Financial Spreadbetting vs. CFD Trading


CFD stands for Contract For Difference or spread betting (between 2 parties) whereby one is contractually obliged to pay the other the difference between the daily closing price and the price at which the “contract” was originally taken out. Simply put, if you went long with the broker @ 30pps at 100 quid a point and the share goes up 5pps…he owes you 500 quid and physically credits your account after the close of business..if it goes down then you owe him etc. A bit more complicated than that…but that’s basically the idea. It is a lot less regulated than an exchange traded derivative and the broker concerned accepts personal 3rd party liability based on their own in-house credit evaluation policy. They will generally hedge their exposure by buying/selling or borrowing physical stock.

A CFD is in practice a bit different than financial spread betting. The difference between CFD and financial spread betting is not only the fact that with CFD you have to pay tax while in financial spread betting you don’t. It’s also the way you “play the game”.  CFD stands for contract for difference which no limit margin is trading which much like financial spread betting uses leverage as the way of making money. Much like financial spread betting the idea is to call short or long against the market’s current value and win if it’s going up or down. You have to pay at least 1% as a security for the investment.

Many companies offer CFD as well as financial spread betting, while the first time resemble real trading and has no time limit (CFD are automatically renewed at the end of the trading day), financial spread betting is limited in time. Both share the stop loss feature which protects against unlimited losses in case the investment went the wrong way around for the gambler.

A question we are often asked is ‘What is the difference between Financial Spreadbetting and Contract For Difference?’

Contract For Difference (CFD) were originally used by large institutions to cover their equity exposure but are now widely available to the retail sector and allows the dealing in Shares, Indices, Sectors, Currencies etc. without having to physically own the Instrument. A CFD reflects the underlying market price of the Instrument and the profit or loss is determined by the difference at which you Buy and Sell.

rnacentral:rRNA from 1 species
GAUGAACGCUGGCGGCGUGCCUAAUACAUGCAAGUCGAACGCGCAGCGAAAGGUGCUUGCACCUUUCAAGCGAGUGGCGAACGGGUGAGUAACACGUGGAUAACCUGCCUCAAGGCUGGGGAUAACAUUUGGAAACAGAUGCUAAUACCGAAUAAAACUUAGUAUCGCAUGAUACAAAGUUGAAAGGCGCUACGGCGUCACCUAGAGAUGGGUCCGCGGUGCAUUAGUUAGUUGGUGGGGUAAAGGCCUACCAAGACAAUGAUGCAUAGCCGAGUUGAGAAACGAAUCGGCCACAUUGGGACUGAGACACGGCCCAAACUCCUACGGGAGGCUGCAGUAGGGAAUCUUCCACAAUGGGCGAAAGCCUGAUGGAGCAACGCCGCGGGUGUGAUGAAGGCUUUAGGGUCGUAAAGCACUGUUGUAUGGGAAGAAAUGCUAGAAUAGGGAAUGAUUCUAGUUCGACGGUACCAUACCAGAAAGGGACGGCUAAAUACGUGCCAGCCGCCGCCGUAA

A number of the financial spreadbetting companies indeed offer both a spreadbetting and CFD service e.g. IG Index, CMC Markets, City Index, Capital Spreads. There are many similarities between CFD’s and Financial Spreadbetting but also many nuances Let’s look at the similarities and differences between to the two trading methods:

Similarities

  • With CFD’s you trade on Margin i.e. you need only put up a deposit of the total value of the position. Each Instrument has a Notional Trading Requirement and a Margin Requirement. In much the same way as Financial Spreadbetting this may be a % or a fixed £ value.
  • Because you do not physically own the Instrument there is no Stamp Duty to pay.
  • Some CFD providers offer no dealing charges. Some offer no commission charges on Indices but apply commission charges when dealing in Shares (Please do check with the providers).
  • You Buy at the Offer Price and Sell at the Bid Price.
  • CFD’s allow the ability to Buy in the anticipation of a price rise and also Sell in the anticipation of a price fall.
  • The markets you can deal in are virtually the same. E.g. UK, USA Europe, Far East Australia etc.
  • When dealing with Indices, Sectors the trade is identical.
  • Much of the dealing terminology is the same.
  • You can place Controlled Risk Trades.

Differences

  • When dealing in Shares you deal in the number of Shares not £’s per point. (1000 Shares not £10 per point).
  • CFD’s are an ongoing Contract that will only expire when you actually close it.
  • CFD’s are usually priced based on the Cash price of the market (Financial Spreadbets can be Futures based e.g. Quarterly).
  • CFD’s attract financing charges. A Long position carried over to the following day will attract an Interest charge debited to your account; a Short Position will attract Interest credited to your account. Interest is calculated on the total value of your position.
    • The Interest rate will vary from provider to provider but as a rough guide it will be the official overnight Cash interest rate plus say 1.5% for Long positions and less 2.5% for Short Positions. So if the overnight rate is 4% you will be charged 5.5% on Long positions and receive 1.5% on your Short positions. Interest is calculated and applied on a daily basis.
    • (Please Note: Some Financial Spreadbetting companies offer a Rolling Cash Bet which operates a similar system, however some might automatically close out Daily positions. Longer term bets e.g. Quarterly, have the spread adjusted to reflect interest charges. Interest charges are often referred to as Cost of Carriage.
  • CFD’s allow the owner of a Share CFD to partake in Corporate Actions e.g. Share splits, Dividends.